Rep. Donni Steele today slammed Gov. Gretchen Whitmer for rushing a pair of special elections to fill two vacant seats in the Michigan House. The primary elections are set for Jan. 30 and the general elections are planned for April 16. The seats are open after two Democrats resigned to fill mayoral posts. The House is now evenly split 54-54 between Republicans and Democrats.
The governor announced her plan to fill the seats last Wednesday, only giving prospective candidates until 4 p.m. this Monday, Nov. 27, to file. Given the holiday weekend, interested residents had merely 12 business hours to file their intent to run with local clerks.
“The timeline laid out by the governor was clear political manipulation of the election process,” said Steele, R-Orion Township. “Voters in these communities deserved a fair and honest process. Instead, the governor found a new way to operate in the shadows. Potential candidates may have missed the filing opportunity while celebrating Thanksgiving with their families. This political gamesmanship continues to erode our democracy.”
Steele served on the Orion Township Board of Trustees for nine years before coming to the Legislature. She said empathizes with elected officials in these communities now facing the financial and administrative burden of managing two unexpected elections.
“Presidential election years are stressful and expensive enough as it is,” Steele said. “This plan ignores the immense stress faced by local officials. The governor could have easily used the existing election date in February. But instead, she is adding two new elections and forcing local clerks to play her political games.”
Steele also noted the hypocrisy of rushing special elections after Democrats ended the legislative session at the earliest date in 55 years. With the House evenly split, Steele and her Republican colleagues have been outspoken proponents of potential bipartisan work that needs to be done right now.
“Forcing special elections to take back a slim majority is a perfect depiction of the Democrats’ time in power,” Steele said. “Normal people just want their Legislators working and solving problems. Democrats would rather play political games and continue to cripple Michigan with their horrible policies.”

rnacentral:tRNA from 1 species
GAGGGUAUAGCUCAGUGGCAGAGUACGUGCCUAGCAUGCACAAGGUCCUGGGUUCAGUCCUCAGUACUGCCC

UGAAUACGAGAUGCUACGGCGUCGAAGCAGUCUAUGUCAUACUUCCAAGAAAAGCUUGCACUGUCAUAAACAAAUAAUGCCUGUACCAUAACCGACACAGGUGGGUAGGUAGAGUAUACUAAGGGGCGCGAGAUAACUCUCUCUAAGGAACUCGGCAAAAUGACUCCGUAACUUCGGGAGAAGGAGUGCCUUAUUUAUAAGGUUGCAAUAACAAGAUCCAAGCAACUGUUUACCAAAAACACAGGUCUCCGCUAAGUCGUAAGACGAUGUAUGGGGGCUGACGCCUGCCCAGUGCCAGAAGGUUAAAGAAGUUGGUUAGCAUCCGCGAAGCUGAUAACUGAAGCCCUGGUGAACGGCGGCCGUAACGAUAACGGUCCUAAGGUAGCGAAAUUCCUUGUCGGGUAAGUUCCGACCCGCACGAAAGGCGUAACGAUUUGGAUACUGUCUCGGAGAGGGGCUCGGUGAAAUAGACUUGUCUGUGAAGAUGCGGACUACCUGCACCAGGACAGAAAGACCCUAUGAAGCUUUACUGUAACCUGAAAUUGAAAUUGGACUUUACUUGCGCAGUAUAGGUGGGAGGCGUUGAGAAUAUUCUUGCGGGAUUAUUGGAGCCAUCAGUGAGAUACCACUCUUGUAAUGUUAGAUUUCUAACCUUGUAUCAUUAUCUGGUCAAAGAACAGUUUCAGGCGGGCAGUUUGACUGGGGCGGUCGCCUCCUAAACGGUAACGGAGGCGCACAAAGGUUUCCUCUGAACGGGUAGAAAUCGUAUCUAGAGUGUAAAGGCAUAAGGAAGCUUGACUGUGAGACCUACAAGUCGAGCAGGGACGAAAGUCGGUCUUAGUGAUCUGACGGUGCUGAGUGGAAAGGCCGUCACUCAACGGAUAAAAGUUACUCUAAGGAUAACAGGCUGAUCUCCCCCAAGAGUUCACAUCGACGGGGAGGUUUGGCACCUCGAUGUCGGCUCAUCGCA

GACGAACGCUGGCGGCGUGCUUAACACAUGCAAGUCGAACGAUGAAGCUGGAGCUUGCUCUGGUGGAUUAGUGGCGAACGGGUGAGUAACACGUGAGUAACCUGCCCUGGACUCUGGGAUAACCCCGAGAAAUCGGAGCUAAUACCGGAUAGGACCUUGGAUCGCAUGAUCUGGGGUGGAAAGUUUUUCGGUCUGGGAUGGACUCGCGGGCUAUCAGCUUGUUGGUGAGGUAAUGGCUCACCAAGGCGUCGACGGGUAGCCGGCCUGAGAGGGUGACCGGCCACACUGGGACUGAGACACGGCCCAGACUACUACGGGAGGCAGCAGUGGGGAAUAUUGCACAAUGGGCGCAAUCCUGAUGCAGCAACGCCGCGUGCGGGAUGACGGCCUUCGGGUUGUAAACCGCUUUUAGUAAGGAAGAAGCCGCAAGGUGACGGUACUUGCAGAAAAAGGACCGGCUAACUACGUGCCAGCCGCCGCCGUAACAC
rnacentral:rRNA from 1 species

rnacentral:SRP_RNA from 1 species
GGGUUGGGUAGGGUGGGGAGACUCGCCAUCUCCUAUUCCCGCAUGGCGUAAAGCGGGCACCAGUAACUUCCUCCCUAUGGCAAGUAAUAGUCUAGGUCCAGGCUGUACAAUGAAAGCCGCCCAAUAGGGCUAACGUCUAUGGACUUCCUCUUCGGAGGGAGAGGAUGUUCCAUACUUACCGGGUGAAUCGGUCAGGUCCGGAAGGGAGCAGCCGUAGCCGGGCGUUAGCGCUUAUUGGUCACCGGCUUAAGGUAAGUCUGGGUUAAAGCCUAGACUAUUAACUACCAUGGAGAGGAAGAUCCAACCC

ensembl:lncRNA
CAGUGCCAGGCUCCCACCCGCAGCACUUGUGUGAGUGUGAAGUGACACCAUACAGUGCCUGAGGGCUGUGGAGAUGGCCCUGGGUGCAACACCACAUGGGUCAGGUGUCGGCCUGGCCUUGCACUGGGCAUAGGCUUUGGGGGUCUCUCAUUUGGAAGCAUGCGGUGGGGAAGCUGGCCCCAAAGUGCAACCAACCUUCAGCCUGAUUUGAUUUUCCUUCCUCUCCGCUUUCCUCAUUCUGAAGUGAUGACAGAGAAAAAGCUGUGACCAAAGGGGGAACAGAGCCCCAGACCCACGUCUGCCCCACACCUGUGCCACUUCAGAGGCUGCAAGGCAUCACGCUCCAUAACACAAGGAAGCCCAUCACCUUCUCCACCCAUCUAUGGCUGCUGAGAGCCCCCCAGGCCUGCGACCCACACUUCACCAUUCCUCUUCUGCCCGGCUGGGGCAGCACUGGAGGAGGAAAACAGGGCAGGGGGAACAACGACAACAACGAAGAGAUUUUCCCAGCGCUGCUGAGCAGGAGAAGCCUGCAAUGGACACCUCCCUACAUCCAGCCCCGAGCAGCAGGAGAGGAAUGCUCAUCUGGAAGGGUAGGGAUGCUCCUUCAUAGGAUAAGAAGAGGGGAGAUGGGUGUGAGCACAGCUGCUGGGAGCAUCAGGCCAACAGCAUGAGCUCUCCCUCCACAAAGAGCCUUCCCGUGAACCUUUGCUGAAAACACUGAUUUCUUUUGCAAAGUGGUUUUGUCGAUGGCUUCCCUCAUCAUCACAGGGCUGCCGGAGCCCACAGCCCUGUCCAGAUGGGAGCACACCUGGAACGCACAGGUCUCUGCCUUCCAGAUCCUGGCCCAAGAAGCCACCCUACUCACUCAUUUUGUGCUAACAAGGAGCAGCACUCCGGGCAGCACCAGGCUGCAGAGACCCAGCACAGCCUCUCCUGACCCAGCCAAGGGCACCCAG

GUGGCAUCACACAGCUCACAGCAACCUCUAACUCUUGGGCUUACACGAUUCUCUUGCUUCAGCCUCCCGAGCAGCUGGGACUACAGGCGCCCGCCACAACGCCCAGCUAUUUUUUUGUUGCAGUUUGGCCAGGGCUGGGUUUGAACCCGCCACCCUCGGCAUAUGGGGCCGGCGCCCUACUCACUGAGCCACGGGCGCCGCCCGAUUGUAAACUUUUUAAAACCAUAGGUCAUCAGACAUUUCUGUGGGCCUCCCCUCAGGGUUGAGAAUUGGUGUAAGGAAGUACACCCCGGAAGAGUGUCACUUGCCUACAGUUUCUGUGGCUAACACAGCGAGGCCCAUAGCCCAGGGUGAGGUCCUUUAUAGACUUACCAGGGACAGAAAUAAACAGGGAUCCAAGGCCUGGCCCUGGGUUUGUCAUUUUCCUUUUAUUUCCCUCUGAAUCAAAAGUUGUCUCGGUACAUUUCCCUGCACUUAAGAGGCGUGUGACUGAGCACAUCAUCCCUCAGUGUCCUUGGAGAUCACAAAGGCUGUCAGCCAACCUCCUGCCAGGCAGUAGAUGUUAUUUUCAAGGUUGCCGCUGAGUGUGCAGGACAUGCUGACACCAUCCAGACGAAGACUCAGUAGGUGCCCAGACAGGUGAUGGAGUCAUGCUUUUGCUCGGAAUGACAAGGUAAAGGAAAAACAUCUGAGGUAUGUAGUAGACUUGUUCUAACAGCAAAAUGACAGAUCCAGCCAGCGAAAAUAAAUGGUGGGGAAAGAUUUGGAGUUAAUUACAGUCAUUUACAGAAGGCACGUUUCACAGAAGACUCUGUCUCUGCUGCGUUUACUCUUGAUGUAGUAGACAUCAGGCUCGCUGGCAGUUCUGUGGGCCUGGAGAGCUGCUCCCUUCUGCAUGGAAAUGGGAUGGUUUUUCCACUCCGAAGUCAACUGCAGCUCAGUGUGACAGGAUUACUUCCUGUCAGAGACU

“In a time when political divides keep deepening, the House needs something for everyone to agree on; I’m confident this school safety legislation is that something,” said Steele, R-Orion Township. “This week, we’re remembering a tragedy at Michigan State University. Being from Lake Orion, I can’t help but draw the connection to our neighboring sister community of Oxford and the terrifying events which occurred there over two years ago. The best was to prevent these horrific events from repeating themselves is to bind together and pass school safety bills. Our kids and communities depend on it.”
“All people have a moral obligation to speak out against hate whenever it rears its ugly head – this is one of those times. As elected officials, we are the voice for our communities. We are held to a higher standard and must answer to all comments we make, including any and all social media posts.”
“Higher incomes, less taxes should be the vision for Michigan,” said Steele, who serves on the House Appropriations Committee. “Prices are so high that people must choose between breakfast or lunch because they can’t afford both. Families walk around their homes in four shirts because they can’t afford to raise their heat higher than 60 degrees. The middle class doesn’t need subsidies for electric vehicles; they need their hard-earned tax dollars back in their pockets.”